Johnson County Public Health and hospitals respond to recent spike in COVID-19 cases

As positive cases of coronavirus continue to increase in Johnson County, Iowa City hospitals and medical experts are responding accordingly.


David Harmantas

Iowa City’s Mercy Hospital location on September 25, 2017. Kathleen and Andrew Kromphardt, sued Mercy Hospital of Iowa City, Obstetric and Gynecologic Associates of Iowa City and Coralville and Jill Goodman, an obstetrician-gynecologist and one of the directors of the Coralville clinic after their newborn sustained serious brain damage after his birth at the hospital.

Sebastian Lechuga, News Reporter

Despite a sharp increase in positive coronavirus cases in Johnson County in the month of June, Iowa City hospitals say they are not experiencing challenges dealing with an increase in COVID-19 patients.

Daily case counts have consistently increased in Johnson County since June 15. Many restaurants and retail stores which reopened recently, have since decided to close their doors again in response to the uptick in cases and in an effort to mitigate the virus.

In the Southeast region of the state, which includes Johnson County, there are currently 31 patients hospitalized with COVID-19, and 12 of those patients are in intensive care.

Margaret Reese, Mercy Iowa City director of communications, said the hospital has not encountered any issues as COVID-19 cases increase.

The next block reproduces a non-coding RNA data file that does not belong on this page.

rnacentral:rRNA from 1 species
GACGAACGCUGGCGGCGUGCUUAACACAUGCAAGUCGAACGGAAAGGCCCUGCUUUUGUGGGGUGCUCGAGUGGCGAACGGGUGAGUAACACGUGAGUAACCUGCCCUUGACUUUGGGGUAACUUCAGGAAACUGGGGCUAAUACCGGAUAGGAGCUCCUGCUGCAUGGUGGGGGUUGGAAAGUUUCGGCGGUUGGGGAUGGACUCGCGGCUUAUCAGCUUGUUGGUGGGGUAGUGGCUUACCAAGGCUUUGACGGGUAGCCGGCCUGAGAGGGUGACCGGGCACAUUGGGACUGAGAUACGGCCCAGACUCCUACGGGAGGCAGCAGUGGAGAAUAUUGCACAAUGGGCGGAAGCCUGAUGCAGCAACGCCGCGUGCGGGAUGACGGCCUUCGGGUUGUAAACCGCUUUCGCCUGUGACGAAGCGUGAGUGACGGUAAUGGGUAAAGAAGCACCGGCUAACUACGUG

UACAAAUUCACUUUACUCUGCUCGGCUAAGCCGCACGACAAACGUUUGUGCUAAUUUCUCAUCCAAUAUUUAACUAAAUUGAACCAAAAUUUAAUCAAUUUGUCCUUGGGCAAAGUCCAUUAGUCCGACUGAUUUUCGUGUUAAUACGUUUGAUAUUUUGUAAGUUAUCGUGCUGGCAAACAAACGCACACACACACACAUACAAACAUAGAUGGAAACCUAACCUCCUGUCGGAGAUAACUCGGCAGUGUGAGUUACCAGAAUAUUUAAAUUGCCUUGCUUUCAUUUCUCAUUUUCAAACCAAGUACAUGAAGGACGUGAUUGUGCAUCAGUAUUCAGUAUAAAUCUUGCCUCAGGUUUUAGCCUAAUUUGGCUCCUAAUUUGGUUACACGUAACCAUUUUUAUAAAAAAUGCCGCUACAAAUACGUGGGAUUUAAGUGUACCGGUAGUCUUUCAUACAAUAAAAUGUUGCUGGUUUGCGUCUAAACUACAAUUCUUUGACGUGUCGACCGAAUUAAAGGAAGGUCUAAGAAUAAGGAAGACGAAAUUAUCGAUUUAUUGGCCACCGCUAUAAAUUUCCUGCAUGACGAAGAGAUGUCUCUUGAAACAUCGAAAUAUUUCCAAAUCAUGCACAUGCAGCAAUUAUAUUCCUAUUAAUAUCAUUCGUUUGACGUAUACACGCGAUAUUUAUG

“We haven’t had any issues in the past month,” Reese said. “This month hasn’t even been our highest numbers of tests recorded… The second half of April and May were higher.”

Reese said test kits have become more available recently, so the hospital has been able to test more patients.

“With having more testing kits, we are able to be more cautious by testing more,” Reese said. “Anyone who has a surgery appointment, someone going straight to the ER, and of course people having symptoms of COVID-19 will be tested.”

Reese added that the majority of positive tests in the recent uptick of COVID-19 cases came from young adults.

“Over the past month, most of the people who tested positive were people from the ages of 18-25 years old,” she said.

University of Iowa Hospitals and Clinics has also seen an increased number of COVID-19 cases.

RELATED: Johnson County health and business leaders urge mask wearing as coronavirus cases tick up in the county 

Jennifer Brown, spokesperson for UI Health Care, said in an email to The Daily Iowan that the university hospital continues to promote mitigation strategies to the public.

“The hospital continues to remind everyone in our community to follow several simple steps to prevent community transmission and slow the cases,” Brown said. “When in public, wear a face covering, practice social distancing, wash hands or use hand sanitizer, early and often, and if socializing is necessary, do so in small groups.”

UIHC uses a Home Treatment Team program to treat patients who have tested positive for COVID-19 but are not hospitalized. The hospital sends a kit with a blood pressure cuff and a pulse oximeter to allow the patient to track their vital signs, Brown said.

People who test positive for COVID-19 are automatically contacted by a CDC representative in Johnson County, who asks them questions about their COVID-19 status.

Sam Jarvis, community health division manager for Johnson County Public Health, said public-health staff are not currently overwhelmed with coronavirus patients, despite the increase of cases since mid-June.

“Certainly there are many days that we are busy, but we are managing just fine,” Jarvis said. “We have about 27 individuals with specific work schedules to help out the patients.”